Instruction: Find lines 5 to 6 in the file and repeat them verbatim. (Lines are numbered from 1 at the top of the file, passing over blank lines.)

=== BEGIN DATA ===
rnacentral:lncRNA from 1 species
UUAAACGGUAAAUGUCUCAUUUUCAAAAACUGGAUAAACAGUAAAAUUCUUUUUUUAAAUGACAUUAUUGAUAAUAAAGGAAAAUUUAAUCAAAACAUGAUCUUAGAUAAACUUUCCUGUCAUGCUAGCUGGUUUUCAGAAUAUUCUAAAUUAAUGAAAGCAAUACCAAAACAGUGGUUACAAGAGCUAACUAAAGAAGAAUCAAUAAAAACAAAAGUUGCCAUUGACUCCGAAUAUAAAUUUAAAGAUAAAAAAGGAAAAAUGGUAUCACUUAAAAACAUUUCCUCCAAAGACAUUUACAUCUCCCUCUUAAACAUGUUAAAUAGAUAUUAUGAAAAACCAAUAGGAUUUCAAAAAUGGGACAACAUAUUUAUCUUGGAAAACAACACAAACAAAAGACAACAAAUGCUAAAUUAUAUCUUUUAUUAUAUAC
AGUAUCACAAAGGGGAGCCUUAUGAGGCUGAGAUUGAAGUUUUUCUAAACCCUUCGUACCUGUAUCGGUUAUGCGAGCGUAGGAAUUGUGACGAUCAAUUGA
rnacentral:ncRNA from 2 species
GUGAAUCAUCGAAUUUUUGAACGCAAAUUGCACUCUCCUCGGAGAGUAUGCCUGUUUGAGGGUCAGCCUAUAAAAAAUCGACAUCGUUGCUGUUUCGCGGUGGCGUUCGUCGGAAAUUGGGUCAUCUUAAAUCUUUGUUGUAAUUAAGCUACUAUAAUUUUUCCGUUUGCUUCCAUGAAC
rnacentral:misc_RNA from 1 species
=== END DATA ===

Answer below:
GUGAAUCAUCGAAUUUUUGAACGCAAAUUGCACUCUCCUCGGAGAGUAUGCCUGUUUGAGGGUCAGCCUAUAAAAAAUCGACAUCGUUGCUGUUUCGCGGUGGCGUUCGUCGGAAAUUGGGUCAUCUUAAAUCUUUGUUGUAAUUAAGCUACUAUAAUUUUUCCGUUUGCUUCCAUGAAC
rnacentral:misc_RNA from 1 species